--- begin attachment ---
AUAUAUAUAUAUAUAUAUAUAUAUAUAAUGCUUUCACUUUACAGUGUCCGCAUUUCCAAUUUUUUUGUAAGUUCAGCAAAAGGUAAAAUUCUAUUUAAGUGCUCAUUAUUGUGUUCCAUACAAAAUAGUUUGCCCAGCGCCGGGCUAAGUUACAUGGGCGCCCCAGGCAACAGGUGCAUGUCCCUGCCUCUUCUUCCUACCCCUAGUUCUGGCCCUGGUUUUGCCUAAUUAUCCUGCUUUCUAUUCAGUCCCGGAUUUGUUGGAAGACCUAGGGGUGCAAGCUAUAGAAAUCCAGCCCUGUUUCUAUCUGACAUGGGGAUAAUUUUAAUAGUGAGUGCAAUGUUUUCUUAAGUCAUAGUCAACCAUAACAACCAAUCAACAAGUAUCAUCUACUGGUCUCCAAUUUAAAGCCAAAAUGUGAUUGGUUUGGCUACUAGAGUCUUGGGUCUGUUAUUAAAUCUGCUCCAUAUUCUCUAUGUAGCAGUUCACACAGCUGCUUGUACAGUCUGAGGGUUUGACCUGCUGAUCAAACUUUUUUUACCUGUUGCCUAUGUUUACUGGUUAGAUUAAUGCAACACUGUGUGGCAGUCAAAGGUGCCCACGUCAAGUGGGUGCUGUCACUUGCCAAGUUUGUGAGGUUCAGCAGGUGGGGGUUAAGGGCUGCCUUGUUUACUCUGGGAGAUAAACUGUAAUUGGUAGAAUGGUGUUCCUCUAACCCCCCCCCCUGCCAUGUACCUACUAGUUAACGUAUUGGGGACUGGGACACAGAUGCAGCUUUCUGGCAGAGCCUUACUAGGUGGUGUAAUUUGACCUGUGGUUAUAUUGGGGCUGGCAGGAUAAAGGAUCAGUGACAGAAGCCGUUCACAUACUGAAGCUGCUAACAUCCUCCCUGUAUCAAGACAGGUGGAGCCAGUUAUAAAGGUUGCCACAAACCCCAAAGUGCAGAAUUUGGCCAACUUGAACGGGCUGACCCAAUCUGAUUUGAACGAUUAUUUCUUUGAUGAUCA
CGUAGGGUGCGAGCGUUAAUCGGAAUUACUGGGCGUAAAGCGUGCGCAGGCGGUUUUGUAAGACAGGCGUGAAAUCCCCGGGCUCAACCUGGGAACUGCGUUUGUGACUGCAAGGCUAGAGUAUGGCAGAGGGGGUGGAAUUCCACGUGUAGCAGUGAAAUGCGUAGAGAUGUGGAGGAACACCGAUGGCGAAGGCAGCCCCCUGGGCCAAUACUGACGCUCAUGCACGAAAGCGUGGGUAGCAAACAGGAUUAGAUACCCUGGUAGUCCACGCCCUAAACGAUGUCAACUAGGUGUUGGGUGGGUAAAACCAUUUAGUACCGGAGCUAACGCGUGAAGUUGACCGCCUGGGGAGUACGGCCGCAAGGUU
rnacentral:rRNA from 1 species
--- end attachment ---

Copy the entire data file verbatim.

AUAUAUAUAUAUAUAUAUAUAUAUAUAAUGCUUUCACUUUACAGUGUCCGCAUUUCCAAUUUUUUUGUAAGUUCAGCAAAAGGUAAAAUUCUAUUUAAGUGCUCAUUAUUGUGUUCCAUACAAAAUAGUUUGCCCAGCGCCGGGCUAAGUUACAUGGGCGCCCCAGGCAACAGGUGCAUGUCCCUGCCUCUUCUUCCUACCCCUAGUUCUGGCCCUGGUUUUGCCUAAUUAUCCUGCUUUCUAUUCAGUCCCGGAUUUGUUGGAAGACCUAGGGGUGCAAGCUAUAGAAAUCCAGCCCUGUUUCUAUCUGACAUGGGGAUAAUUUUAAUAGUGAGUGCAAUGUUUUCUUAAGUCAUAGUCAACCAUAACAACCAAUCAACAAGUAUCAUCUACUGGUCUCCAAUUUAAAGCCAAAAUGUGAUUGGUUUGGCUACUAGAGUCUUGGGUCUGUUAUUAAAUCUGCUCCAUAUUCUCUAUGUAGCAGUUCACACAGCUGCUUGUACAGUCUGAGGGUUUGACCUGCUGAUCAAACUUUUUUUACCUGUUGCCUAUGUUUACUGGUUAGAUUAAUGCAACACUGUGUGGCAGUCAAAGGUGCCCACGUCAAGUGGGUGCUGUCACUUGCCAAGUUUGUGAGGUUCAGCAGGUGGGGGUUAAGGGCUGCCUUGUUUACUCUGGGAGAUAAACUGUAAUUGGUAGAAUGGUGUUCCUCUAACCCCCCCCCCUGCCAUGUACCUACUAGUUAACGUAUUGGGGACUGGGACACAGAUGCAGCUUUCUGGCAGAGCCUUACUAGGUGGUGUAAUUUGACCUGUGGUUAUAUUGGGGCUGGCAGGAUAAAGGAUCAGUGACAGAAGCCGUUCACAUACUGAAGCUGCUAACAUCCUCCCUGUAUCAAGACAGGUGGAGCCAGUUAUAAAGGUUGCCACAAACCCCAAAGUGCAGAAUUUGGCCAACUUGAACGGGCUGACCCAAUCUGAUUUGAACGAUUAUUUCUUUGAUGAUCA
CGUAGGGUGCGAGCGUUAAUCGGAAUUACUGGGCGUAAAGCGUGCGCAGGCGGUUUUGUAAGACAGGCGUGAAAUCCCCGGGCUCAACCUGGGAACUGCGUUUGUGACUGCAAGGCUAGAGUAUGGCAGAGGGGGUGGAAUUCCACGUGUAGCAGUGAAAUGCGUAGAGAUGUGGAGGAACACCGAUGGCGAAGGCAGCCCCCUGGGCCAAUACUGACGCUCAUGCACGAAAGCGUGGGUAGCAAACAGGAUUAGAUACCCUGGUAGUCCACGCCCUAAACGAUGUCAACUAGGUGUUGGGUGGGUAAAACCAUUUAGUACCGGAGCUAACGCGUGAAGUUGACCGCCUGGGGAGUACGGCCGCAAGGUU
rnacentral:rRNA from 1 species